The Russians, of course, took up a huge space of their own – I think they might be trying to take over….

Finally, after much shuffling and stress, things began to look more organised (if a little precarious at points):

And the main shelves have come together nicely:

The bottom shelf is Russians (and believe me, this is only a fraction of the Russian books I own). The next up is the poetry books. The third shelf up is slightly heavier tomes (not physically, but in content) including Penguin Little Black Classics, Penguin Great Ideas and lots of things from Verso and the like. And the top shelf has my Penguin Modern box, a number of books vaguely related to art and the French revolution, as well as my Iconoclasm books.

It seems that the Iconoclasm books have been quietly reproducing when I wasn’t looking…. 😀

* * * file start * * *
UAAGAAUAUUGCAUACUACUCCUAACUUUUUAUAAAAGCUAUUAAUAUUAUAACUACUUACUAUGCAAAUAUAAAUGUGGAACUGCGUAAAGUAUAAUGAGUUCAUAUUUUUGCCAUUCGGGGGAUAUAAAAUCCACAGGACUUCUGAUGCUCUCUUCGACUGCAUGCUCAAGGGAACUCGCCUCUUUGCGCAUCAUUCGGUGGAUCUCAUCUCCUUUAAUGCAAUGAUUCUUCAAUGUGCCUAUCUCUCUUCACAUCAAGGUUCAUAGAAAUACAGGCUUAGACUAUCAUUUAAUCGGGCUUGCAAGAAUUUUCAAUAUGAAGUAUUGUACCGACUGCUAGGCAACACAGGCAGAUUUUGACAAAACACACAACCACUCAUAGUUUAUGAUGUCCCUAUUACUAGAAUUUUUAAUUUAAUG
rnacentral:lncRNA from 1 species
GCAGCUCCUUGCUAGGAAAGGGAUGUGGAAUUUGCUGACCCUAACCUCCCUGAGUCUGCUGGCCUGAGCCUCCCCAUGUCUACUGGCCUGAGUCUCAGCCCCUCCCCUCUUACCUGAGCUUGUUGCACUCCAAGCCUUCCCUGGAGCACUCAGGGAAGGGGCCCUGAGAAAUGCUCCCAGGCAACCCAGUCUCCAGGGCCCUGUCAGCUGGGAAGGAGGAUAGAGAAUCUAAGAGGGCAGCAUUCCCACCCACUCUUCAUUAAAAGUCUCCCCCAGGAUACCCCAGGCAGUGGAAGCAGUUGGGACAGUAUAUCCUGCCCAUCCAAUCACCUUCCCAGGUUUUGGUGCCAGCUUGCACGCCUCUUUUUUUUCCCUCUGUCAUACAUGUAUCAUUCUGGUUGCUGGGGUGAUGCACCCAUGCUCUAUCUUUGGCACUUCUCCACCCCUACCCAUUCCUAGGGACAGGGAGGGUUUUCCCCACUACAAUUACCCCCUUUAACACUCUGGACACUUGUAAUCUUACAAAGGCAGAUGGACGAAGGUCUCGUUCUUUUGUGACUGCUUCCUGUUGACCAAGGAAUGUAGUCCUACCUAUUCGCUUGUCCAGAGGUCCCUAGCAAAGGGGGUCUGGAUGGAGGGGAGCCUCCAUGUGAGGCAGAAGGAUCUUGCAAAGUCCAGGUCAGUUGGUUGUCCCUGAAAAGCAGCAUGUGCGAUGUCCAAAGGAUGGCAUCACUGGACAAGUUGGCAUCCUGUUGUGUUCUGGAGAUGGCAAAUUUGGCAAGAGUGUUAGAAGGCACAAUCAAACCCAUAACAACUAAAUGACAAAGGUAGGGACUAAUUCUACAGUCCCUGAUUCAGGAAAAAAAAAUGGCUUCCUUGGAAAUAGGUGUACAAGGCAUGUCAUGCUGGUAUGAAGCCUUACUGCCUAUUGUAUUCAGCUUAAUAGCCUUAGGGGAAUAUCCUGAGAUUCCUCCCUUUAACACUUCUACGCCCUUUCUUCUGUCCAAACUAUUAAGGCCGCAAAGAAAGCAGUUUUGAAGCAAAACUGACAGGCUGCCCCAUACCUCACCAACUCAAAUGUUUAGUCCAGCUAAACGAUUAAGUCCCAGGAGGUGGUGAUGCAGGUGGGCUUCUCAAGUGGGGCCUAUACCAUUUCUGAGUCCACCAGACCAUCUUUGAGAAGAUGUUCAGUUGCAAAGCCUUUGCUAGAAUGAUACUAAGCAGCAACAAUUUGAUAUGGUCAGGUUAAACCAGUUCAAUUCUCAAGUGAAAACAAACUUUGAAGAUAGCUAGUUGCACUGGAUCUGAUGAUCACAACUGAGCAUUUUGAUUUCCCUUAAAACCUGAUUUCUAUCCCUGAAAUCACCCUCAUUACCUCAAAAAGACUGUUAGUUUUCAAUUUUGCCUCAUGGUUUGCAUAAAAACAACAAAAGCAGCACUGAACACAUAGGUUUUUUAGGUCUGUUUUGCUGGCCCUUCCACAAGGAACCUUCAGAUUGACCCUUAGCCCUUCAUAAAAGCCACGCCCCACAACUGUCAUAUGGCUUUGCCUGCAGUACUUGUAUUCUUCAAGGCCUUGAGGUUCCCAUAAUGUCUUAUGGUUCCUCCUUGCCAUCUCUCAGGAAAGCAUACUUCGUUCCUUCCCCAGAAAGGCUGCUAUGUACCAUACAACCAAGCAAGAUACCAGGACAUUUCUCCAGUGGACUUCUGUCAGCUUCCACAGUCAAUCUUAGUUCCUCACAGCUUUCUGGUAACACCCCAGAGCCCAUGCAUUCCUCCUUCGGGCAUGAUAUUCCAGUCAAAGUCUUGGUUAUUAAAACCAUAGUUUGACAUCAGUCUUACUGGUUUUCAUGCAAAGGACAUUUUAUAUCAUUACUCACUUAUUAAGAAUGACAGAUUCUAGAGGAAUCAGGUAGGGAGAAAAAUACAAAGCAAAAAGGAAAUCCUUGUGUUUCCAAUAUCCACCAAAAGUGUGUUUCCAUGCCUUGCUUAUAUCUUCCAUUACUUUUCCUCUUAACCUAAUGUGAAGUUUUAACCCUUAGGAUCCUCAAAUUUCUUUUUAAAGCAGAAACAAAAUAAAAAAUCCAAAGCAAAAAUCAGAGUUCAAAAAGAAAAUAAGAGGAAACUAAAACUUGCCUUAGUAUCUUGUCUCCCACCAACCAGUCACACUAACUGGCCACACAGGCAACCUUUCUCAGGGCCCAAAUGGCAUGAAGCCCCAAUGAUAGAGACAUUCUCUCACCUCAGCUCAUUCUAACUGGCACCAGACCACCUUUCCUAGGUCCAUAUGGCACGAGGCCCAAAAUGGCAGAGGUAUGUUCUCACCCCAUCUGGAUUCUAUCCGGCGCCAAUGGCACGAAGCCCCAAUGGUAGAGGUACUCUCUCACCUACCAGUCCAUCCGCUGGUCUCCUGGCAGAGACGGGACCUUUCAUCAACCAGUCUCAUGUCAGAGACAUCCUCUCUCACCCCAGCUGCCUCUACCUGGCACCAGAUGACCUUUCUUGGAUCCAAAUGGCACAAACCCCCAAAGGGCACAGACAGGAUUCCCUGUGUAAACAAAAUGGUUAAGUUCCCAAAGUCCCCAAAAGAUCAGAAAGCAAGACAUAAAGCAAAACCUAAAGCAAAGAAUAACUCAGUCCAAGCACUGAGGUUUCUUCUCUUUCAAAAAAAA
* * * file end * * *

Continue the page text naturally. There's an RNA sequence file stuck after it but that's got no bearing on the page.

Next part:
Any road up, this group of books is now a little more orderly. I sent some images to the Offspring while I was mid-shuffle, and Middle Child commented that I had a book problem. I did remind her that I’ve never denied that (and if she knew how many books have spread into her old room, she’d probably have a fit…)

But never mind – I feel a bit clearer-headed about what’s on the immediate TBR and things are notionally together, which was the point of the exercise. Success! :)))))

Three things… #1 @GaiaBird1

18 Comments

Paula over at the always interesting BookJotter recently came up with a lovely idea for a feature where she looks at three things she’s recently been Reading, Looking and Thinking. She encouraged other bloggers to join in and although I can’t guarantee to do this regularly, I did have a few notions I thought I might share. It’s been a bad week for a lot of Planet Earth, and although I don’t always reflect on that aspect of life on the Ramblings, it does seep into my worldview and often affects what I’m reading.

Any road up, here we go:

Reading

Current reading is a review book for Shiny New Books, in the form of “The Aviator” by Eugene Vodolazkin. Taking in memory loss, the Russian Revolution, possibly some sci-fi elements and beautifully evocative prose, it’s compelling reading and yet painful, as the protaganists live through difficult times. I can’t wait to see where this one goes…